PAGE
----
The founder and CEO of SoftBank Group, Masayoshi Son, reportedly intends to meet with Samsung to discuss a potential strategic alliance covering its UK-based chip design subsidiary, Arm. Reuters said that Son is set to visit South Korea in October when he is expected to propose a potential collaboration with the South Korean vendor. Arm was acquired by SoftBank in 2016 and, after a failed attempt to sell to Nvidia for $66bn in February, the parent company has been planning an IPO, though plans for a UK listing were abandoned in July. According to Reuters, a consortium might surface to invest in Arm, with potential backers including Intel and SK Hynix. Qualcomm has also identified itself as a potential investor but relations between the wireless chip giant and Arm are currently somewhat strained as Qualcomm is currently being sued by Arm over an alleged breach of licence agreements and trademark infringement – see As Arm sues Qualcomm, an open-source rival could be the winner.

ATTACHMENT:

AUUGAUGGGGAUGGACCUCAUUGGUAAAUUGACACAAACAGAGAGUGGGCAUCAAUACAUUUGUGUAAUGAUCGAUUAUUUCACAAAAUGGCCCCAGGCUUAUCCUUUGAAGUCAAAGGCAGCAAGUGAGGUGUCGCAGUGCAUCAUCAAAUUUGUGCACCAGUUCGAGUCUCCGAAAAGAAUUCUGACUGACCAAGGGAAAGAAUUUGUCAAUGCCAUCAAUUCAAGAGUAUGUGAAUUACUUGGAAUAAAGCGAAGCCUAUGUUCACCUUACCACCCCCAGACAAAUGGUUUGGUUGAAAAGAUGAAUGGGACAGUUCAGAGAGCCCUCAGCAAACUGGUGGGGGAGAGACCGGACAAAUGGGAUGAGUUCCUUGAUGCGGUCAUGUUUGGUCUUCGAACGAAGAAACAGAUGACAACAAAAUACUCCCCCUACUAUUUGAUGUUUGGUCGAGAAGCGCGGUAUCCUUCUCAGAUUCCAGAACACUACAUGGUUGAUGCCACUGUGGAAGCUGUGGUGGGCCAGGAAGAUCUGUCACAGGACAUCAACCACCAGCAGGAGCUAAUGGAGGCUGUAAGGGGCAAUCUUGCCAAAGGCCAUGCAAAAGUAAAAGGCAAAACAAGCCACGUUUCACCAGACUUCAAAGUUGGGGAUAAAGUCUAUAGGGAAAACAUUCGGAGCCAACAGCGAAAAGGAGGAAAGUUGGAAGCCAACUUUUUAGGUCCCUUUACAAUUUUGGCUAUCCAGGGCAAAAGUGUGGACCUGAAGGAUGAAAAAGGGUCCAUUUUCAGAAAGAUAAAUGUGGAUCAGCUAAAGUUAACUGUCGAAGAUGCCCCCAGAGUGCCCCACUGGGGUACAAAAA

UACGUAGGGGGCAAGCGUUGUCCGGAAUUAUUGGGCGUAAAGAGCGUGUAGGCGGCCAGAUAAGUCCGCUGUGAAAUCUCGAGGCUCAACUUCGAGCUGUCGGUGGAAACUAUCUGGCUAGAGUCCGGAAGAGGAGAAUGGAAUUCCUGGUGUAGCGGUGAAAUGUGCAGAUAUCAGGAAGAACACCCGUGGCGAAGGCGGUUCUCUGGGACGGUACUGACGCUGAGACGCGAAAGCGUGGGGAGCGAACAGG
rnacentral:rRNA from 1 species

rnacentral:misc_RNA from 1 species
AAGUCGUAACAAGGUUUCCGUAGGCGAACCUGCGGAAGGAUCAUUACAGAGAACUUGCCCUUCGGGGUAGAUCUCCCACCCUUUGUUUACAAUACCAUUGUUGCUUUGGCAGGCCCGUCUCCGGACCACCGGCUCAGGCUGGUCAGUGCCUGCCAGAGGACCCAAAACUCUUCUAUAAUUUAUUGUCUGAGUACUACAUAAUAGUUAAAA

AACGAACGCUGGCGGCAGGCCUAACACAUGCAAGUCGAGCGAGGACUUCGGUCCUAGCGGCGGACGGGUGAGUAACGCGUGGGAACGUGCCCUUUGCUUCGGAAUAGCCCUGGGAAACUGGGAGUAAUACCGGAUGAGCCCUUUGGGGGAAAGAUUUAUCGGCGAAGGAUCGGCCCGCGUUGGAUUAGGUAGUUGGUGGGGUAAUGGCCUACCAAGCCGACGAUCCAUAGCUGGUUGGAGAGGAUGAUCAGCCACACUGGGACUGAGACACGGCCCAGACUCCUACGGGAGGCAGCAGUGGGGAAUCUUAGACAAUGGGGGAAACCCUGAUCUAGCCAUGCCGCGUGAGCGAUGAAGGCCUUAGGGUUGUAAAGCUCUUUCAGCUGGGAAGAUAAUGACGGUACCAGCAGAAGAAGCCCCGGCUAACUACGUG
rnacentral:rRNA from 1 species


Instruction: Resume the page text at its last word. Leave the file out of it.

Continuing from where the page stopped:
Australian operator Optus is facing significant backlash following the major cyberattack revealed on 22 September, which resulted in the exposure of personal data of about 9.8 million customers, including their names, ID numbers and addresses. It appears the telco might face a class action, as domestic law firm Slater & Gordon is investigating an option to legally seek compensation for affected customers. In addition, the nation’s minister for home affairs and cybersecurity, Clare O’Neil, addressed the issue stating that a breach “of this scale and size” will lead to “a very substantial reform task”. She intends to work with parliament to decide whether the current cybersecurity requirements placed on large telecom providers are fit for purpose, as in other jurisdictions, O’Neil added, “a data breach of this size would result in fines amounting to hundreds of millions of dollars”. The official also noted that the government is working with the banking sector to protect customers affected by the breach. Following a call by O’Neil for Optus to provide free credit monitoring to affected current and former customers so that they are protected against identity theft, the company today announced a 12-month subscription to its credit monitoring and identity protection service, Equifax Protect, at no cost.